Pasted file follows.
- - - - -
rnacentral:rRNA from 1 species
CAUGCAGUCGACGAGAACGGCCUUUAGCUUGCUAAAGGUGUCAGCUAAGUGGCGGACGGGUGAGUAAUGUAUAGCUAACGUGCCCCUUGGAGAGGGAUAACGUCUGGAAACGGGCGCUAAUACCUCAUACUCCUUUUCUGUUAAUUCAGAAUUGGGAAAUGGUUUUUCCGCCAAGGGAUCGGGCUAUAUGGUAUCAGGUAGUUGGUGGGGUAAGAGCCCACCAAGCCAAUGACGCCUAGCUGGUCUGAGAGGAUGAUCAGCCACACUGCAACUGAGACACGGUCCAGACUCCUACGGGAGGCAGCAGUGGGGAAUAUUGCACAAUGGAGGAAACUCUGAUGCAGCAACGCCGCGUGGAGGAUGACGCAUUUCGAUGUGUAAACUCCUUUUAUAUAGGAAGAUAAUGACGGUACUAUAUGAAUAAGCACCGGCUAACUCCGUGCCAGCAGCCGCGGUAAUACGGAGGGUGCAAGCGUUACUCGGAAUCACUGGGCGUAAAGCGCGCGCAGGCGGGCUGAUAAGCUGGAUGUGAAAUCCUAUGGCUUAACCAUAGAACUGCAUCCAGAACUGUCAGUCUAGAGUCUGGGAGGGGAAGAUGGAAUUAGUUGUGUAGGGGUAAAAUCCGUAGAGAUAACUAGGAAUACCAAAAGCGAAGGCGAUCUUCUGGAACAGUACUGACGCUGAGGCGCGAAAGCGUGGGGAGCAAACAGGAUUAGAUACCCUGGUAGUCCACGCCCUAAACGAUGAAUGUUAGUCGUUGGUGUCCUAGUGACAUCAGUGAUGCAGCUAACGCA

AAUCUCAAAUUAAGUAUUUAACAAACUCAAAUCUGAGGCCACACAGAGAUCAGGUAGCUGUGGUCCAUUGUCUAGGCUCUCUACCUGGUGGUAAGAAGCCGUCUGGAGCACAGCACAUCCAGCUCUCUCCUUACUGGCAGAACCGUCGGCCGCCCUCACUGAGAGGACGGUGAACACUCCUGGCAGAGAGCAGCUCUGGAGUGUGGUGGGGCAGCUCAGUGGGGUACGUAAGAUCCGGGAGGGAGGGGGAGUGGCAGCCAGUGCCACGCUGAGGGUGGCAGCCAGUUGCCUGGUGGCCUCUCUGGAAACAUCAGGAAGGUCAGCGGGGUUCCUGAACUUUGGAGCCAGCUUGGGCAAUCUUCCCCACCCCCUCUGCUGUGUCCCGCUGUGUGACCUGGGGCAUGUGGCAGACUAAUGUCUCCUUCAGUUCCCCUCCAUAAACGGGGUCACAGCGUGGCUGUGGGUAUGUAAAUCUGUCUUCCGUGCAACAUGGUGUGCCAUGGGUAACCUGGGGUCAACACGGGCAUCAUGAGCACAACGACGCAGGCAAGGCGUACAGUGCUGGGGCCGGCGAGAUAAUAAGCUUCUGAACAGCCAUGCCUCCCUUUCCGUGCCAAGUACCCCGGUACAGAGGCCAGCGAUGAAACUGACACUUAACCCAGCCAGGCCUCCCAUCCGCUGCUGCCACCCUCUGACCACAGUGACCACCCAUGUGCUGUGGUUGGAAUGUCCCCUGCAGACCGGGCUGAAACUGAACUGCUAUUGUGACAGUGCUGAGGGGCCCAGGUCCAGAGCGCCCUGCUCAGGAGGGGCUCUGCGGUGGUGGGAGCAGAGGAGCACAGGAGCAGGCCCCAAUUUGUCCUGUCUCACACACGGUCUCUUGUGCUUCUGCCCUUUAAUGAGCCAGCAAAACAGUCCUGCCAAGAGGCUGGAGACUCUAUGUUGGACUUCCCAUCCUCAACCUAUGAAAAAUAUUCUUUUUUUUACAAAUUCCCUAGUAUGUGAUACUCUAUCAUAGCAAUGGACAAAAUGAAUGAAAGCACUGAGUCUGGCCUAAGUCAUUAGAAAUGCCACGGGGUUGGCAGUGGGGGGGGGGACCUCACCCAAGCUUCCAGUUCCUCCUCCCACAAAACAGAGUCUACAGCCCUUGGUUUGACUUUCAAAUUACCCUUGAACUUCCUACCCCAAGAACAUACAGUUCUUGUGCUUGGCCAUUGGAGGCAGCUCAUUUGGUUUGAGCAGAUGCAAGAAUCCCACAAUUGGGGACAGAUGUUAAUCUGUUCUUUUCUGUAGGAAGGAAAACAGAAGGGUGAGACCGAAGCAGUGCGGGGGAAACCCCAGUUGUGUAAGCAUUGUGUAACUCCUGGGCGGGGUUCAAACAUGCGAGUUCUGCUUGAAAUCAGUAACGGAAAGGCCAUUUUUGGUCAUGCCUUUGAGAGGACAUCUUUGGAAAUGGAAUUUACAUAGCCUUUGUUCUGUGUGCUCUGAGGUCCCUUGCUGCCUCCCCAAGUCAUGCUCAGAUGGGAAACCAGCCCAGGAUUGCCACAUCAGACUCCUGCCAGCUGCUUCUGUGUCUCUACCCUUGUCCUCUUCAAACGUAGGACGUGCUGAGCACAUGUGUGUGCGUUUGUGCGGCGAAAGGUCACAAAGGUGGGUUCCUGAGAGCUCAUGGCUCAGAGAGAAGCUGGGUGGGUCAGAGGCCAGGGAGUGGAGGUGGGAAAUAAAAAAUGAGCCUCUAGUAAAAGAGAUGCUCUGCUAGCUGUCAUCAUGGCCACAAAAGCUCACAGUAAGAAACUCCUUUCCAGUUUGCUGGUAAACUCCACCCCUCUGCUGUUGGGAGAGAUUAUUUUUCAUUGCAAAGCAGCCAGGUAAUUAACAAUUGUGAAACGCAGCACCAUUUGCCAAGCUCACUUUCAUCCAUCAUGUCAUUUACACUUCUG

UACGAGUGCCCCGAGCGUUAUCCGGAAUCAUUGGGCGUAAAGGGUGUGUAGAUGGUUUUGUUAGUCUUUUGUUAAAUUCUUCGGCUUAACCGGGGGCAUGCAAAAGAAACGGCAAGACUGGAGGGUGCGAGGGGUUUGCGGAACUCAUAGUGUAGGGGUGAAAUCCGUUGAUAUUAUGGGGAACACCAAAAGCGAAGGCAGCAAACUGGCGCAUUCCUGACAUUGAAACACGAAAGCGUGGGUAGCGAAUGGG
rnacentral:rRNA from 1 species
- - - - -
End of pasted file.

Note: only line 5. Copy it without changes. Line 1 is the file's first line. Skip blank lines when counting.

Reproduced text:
rnacentral:rRNA from 1 species